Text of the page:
FARC’s Crisis of Discipline

The French-language daily Libération has an interview with Colombian academic and military analyst César Restrepo on the recent tension in the region. Along the way, he touched upon the current crisis within the ranks of the Colombian insurgency, reflected by the recent betrayal of FARC commander Ivan Rios by his own men:

The circumstances in which the commander Ivan Rios was just killed — by his bodyguards — confirm what we’ve been hearing for several months now: that the FARC is experiencing a very serious crisis of discipline. The principal cause is drug money. What began as a means of financing became a cancer. The taste for easy money corrupted the insurgency. To the point that the “lieutenants” of certain units try to kill their commanders in order to take over the business. (Translated from the French.)

The link between insurgencies and organized crime is pretty well-known, but I’ve yet to see a satisfying approach to that particular aspect of counter-insurgency. Here’s the paragraph devoted to it by the Army counter-insurgency field manual (.pdf):

Throughout history, many insurgencies have degenerated into criminality. This occurred as the primary movements disintegrated and the remaining elements were cast adrift. Such disintegration is desirable; it replaces a dangerous, ideologically inspired body of disaffiliated individuals with a less dangerous but more diverse body, normally of very uneven character. The first is a security threat, the second a law-and-order concern. This should not be interpreted, of course, as denigrating the armed capacity of a law-and-order threat. Successful counterinsurgents are prepared to address this disintegration. They also recognize that the ideal approach eliminates both the insurgency and any criminal threats its elimination produces. (p. 1-12)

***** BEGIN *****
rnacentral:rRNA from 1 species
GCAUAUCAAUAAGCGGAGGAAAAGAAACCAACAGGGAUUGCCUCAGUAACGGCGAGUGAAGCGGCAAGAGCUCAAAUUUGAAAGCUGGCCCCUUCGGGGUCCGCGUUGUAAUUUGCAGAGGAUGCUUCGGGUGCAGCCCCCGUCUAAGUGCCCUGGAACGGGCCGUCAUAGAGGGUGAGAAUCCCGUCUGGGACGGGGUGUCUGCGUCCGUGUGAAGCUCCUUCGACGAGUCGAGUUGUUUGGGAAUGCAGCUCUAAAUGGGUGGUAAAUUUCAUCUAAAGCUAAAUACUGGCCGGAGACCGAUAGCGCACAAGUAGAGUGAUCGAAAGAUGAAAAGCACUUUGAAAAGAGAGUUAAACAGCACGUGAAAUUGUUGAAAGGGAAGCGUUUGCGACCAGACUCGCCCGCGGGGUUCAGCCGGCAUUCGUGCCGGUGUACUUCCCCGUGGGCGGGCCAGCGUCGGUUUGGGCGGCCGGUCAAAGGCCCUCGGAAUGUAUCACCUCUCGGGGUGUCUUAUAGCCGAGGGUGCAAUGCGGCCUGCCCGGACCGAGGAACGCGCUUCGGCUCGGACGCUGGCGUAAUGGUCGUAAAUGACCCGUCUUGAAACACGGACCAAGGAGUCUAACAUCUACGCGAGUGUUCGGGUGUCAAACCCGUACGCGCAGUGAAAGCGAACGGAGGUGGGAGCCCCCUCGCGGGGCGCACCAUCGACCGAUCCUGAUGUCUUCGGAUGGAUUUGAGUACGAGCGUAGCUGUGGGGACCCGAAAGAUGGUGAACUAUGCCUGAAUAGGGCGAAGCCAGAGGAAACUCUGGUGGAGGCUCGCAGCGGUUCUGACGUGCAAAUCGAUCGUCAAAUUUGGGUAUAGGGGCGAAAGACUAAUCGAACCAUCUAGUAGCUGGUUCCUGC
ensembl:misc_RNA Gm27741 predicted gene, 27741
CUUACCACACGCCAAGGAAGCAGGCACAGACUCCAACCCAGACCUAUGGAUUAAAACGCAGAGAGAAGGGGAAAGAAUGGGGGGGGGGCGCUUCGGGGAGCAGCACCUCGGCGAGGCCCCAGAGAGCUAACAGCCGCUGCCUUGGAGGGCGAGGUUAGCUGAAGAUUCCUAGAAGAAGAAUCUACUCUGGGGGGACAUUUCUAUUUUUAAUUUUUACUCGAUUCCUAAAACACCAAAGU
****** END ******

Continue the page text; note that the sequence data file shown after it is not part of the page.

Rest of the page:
That’s pretty thin gruel, especially given our less-than-stellar results in eliminating the global drug trade. The disintegration into criminal enterprises not only splinters organizational infrastructure, it also creates a natural wedge between insurgents and the local population. Rather than taking advantage of that, we’ve put our counter-narcotics emphasis on crop-destruction programs that, by depriving poor farmers of lucrative cash crops, create the kinds of grievances that feed insurgencies.

We should also be devoting some energy to trying to anticipate what a post-ideological Al Qaeda might look like. It might be that religious extremism will prove more resistant to the kind of disintegration we’ve seen in other insurgencies. But the early signs out of Afghanistan, where heroin trafficking has grown exponentially in Taliban strongholds, suggest that it isn’t, and we should be prepared to deal with radical Islam’s genetic mutations when they do appear.

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